The move to remote work nearly a year ago accelerated cloud computing trends that were already in play. With no quick return to offices expected in 2021, businesses of all sizes should plan to prioritize further cloud and Software-as-a-Service (SaaS) investments to support distributed workforces, while being mindful six key trends.
Cloud is enabling new ways of doing business
Moving to cloud computing or SaaS offerings isn’t just about getting on the latest technology bandwagon or saving money on capital or operational expenses. The cloud enables organizations of all sizes to do business better to make employees more productive across many departments, including finance, human resources and marketing, no matter where they are located. Cloud computing and SaaS also level the playing field to allow smaller business to compete with large competitors.
Security is a critical differentiator
Even with all these productivity gains from cloud computing and SaaS, the move to remote work as heighted the need for robust security, so organizations need to set aside time, resources and attention on their security strategy as to prevent breaches and disruptions that might impede any newfound productivity or cost them revenue through lost customers who lose trust.
Not everything will be in the cloud
Even as cloud computing and SaaS continue to take off to support distributed remote workforces, hybrid environments that mix on-site computing, storage, and services with public cloud offerings from vendors such as Amazon Web Services (AWS) or Microsoft Azure will become the norm, and everything will need to work together in concert, securely. Different providers will need to work together to as they each get spooled up to meet the specific requirements of different lines of business within an organization.
A spring cleaning of all compute resources
Organizations will begin to realize not everything that got migrated to the cloud needed to be moved, so even as cloud computing adoption will continue to accelerate, it’s become clearer which workloads need to be in the cloud, and which ones should be winding down, including any outdated data that goes with them, to be even more efficient and get the best bang for the buck from their cloud spend.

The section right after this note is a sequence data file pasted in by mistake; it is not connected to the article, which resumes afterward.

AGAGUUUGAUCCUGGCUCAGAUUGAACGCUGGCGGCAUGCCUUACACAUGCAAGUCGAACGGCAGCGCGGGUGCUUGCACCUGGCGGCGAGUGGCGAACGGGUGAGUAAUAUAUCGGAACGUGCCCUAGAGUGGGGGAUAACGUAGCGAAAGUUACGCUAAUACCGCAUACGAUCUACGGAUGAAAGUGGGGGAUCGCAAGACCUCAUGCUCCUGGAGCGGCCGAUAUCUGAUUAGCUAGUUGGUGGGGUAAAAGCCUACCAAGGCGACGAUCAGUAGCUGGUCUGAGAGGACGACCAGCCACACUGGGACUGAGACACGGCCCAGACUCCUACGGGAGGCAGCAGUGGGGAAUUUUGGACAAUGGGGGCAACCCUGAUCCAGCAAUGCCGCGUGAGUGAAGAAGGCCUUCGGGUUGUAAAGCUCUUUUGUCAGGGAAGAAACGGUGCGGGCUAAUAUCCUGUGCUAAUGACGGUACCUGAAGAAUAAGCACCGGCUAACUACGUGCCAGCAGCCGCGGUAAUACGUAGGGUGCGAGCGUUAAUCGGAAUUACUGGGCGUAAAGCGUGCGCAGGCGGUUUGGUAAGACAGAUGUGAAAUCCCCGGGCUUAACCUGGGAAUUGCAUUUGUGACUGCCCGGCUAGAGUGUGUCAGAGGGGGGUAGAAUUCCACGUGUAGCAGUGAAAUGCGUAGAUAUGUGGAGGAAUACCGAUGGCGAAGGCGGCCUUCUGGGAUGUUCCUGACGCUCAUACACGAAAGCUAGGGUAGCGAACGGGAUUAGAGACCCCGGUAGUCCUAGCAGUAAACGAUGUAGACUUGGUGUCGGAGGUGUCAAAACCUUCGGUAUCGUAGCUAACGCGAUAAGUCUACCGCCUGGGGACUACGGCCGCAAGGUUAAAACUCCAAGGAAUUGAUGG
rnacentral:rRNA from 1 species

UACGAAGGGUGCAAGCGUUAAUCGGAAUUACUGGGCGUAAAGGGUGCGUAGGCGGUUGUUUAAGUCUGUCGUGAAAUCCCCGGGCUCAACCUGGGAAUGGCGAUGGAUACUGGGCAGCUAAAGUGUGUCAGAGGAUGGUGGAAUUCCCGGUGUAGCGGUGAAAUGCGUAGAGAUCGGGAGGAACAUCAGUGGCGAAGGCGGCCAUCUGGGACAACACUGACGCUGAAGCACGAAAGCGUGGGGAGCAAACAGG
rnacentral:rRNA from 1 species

Training across the board: Getting the most from cloud computing while keeping it secure will mean investments in training for IT staff as well as raising the cybersecurity awareness of workers across the board as to adequately safeguard organizations as the era of remote work continues. Both cloud providers and their customers will want to make sure they’re providing both entry level knowledge of the cloud as well as creating advanced experts as a means to enable the business.
Consolidation of cloud providers
While it’s unlikely that an organization will want to put all their eggs in one basket—not all service providers are great at everything—they will want to keep the number of cloud computing environments and SaaS applications manageable. While larger enterprises will likely give most of the budget to the big players, smaller ones will likely want work with a local managed services provider that will prioritize their business and help the navigate all the emerging cloud computing deployment options and guide them on the necessary governance and security.
If 2020 was all about a mad scramble to support a remote workforce and iron out the kinks, then 2021 will be about looking to the future with new investment in cloud computing and SaaS offerings while building on the foundation that was put in place.